* Dina Bailey has worked in several capacities at the National Underground Railroad Freedom Center in Cincinnati, Ohio. In her role as director of museum experiences, she managed the programmatic side of the museum, and she directed all aspects of exhibition design. During her tenure, Bailey also supervised the interpretation and education departments as well as interpretive services, and provided curatorial support to the Freedom Center.

Marvin Douglas Bryant has about 10 years of banking experience and 14 years of nonprofit management experience. With the assistance of a dedicated group of individuals, he helped establish the Atlanta Micro Fund (AMF), a nonprofit that provides business loans and mentoring to microenterprises. Prior to working with microenterprises, Bryant spent most of his professional life in the banking industry including working several years with NationsBank (now Bank of America) as a commercial credit analyst and banker.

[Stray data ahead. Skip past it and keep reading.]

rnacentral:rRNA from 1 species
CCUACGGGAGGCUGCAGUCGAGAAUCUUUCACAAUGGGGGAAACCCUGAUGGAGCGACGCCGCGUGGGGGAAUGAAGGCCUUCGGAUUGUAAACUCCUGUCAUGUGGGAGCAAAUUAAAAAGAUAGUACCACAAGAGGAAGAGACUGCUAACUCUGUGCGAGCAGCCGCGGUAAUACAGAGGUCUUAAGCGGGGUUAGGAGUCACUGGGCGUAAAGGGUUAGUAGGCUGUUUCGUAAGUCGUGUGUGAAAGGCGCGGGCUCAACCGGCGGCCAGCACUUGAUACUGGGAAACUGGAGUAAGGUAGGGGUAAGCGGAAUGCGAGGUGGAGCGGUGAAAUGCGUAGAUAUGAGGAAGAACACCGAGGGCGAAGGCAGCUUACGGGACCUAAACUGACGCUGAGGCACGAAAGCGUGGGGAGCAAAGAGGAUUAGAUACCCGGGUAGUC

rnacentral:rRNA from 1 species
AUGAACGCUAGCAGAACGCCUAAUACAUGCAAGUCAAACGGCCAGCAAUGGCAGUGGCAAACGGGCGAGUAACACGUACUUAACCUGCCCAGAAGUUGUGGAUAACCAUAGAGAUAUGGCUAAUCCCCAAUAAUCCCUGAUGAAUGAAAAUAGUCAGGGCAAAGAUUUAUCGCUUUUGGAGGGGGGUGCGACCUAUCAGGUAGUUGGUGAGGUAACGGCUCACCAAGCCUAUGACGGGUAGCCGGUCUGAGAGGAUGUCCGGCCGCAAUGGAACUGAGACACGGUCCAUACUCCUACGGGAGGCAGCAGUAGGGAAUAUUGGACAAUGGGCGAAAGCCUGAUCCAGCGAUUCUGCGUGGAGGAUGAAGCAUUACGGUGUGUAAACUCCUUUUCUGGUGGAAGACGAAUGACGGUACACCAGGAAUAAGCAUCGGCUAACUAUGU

* Gabriel Wardell, who last served as the executive director of Cine, also has been involved with the Atlanta Film Arts Institute. In his role at Cine, he oversaw all aspects of the management and administration of the nonprofit, including: developing marketing strategies, coordinating communications, orchestrating social media and cultivating development opportunities.

When the Center officially opens on May 22, it will have exhibitions, designated event spaces and a broadcast studio. It will have educational forums to make sure that the Center not only provides a historical perspective to global events but also is a venue to discuss and resolve current civil and human rights tensions in the world.

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2 comments
Mary Townsend
Mary Townsend

My civil and judicial rights have been violated.  The evidence is documented.


Mary Townsend
Mary Townsend

I have had a governor appointed Judge lie on my case.  My enemies are deep-pocketed republicans.  Who do you have who would not be afraid to put somethings together to point a finger towards injustice.